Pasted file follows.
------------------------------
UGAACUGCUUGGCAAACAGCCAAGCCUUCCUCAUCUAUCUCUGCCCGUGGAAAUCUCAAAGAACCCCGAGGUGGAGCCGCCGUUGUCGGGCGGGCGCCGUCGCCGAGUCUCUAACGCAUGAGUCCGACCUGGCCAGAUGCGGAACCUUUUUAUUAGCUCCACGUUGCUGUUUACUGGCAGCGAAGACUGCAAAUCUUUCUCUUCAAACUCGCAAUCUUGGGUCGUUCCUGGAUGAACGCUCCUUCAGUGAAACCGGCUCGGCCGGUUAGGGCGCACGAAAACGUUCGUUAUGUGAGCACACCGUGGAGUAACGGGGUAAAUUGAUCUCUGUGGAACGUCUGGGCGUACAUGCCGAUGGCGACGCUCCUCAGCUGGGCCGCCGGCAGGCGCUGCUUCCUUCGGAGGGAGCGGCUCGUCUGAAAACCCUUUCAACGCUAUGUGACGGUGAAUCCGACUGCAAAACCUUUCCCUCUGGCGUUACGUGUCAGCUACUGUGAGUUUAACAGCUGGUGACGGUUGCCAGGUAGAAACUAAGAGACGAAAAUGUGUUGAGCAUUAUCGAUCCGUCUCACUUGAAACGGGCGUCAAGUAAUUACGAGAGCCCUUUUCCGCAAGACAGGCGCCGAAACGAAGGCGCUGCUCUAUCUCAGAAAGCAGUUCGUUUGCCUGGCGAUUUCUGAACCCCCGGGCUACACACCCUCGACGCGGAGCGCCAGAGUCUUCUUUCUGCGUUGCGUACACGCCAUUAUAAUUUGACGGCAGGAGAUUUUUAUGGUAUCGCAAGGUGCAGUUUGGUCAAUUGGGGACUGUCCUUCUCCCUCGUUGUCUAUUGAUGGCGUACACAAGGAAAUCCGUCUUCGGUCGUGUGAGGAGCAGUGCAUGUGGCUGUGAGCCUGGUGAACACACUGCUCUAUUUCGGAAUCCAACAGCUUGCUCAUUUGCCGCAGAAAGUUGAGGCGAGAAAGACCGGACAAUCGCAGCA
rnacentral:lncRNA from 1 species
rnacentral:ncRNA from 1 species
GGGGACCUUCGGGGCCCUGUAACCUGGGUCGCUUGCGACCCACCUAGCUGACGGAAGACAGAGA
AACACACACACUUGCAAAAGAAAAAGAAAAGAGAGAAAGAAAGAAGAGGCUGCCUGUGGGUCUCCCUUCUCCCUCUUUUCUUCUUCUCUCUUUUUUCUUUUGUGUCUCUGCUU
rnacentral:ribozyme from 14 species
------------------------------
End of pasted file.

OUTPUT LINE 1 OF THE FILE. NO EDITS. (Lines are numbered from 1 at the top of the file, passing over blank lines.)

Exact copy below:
UGAACUGCUUGGCAAACAGCCAAGCCUUCCUCAUCUAUCUCUGCCCGUGGAAAUCUCAAAGAACCCCGAGGUGGAGCCGCCGUUGUCGGGCGGGCGCCGUCGCCGAGUCUCUAACGCAUGAGUCCGACCUGGCCAGAUGCGGAACCUUUUUAUUAGCUCCACGUUGCUGUUUACUGGCAGCGAAGACUGCAAAUCUUUCUCUUCAAACUCGCAAUCUUGGGUCGUUCCUGGAUGAACGCUCCUUCAGUGAAACCGGCUCGGCCGGUUAGGGCGCACGAAAACGUUCGUUAUGUGAGCACACCGUGGAGUAACGGGGUAAAUUGAUCUCUGUGGAACGUCUGGGCGUACAUGCCGAUGGCGACGCUCCUCAGCUGGGCCGCCGGCAGGCGCUGCUUCCUUCGGAGGGAGCGGCUCGUCUGAAAACCCUUUCAACGCUAUGUGACGGUGAAUCCGACUGCAAAACCUUUCCCUCUGGCGUUACGUGUCAGCUACUGUGAGUUUAACAGCUGGUGACGGUUGCCAGGUAGAAACUAAGAGACGAAAAUGUGUUGAGCAUUAUCGAUCCGUCUCACUUGAAACGGGCGUCAAGUAAUUACGAGAGCCCUUUUCCGCAAGACAGGCGCCGAAACGAAGGCGCUGCUCUAUCUCAGAAAGCAGUUCGUUUGCCUGGCGAUUUCUGAACCCCCGGGCUACACACCCUCGACGCGGAGCGCCAGAGUCUUCUUUCUGCGUUGCGUACACGCCAUUAUAAUUUGACGGCAGGAGAUUUUUAUGGUAUCGCAAGGUGCAGUUUGGUCAAUUGGGGACUGUCCUUCUCCCUCGUUGUCUAUUGAUGGCGUACACAAGGAAAUCCGUCUUCGGUCGUGUGAGGAGCAGUGCAUGUGGCUGUGAGCCUGGUGAACACACUGCUCUAUUUCGGAAUCCAACAGCUUGCUCAUUUGCCGCAGAAAGUUGAGGCGAGAAAGACCGGACAAUCGCAGCA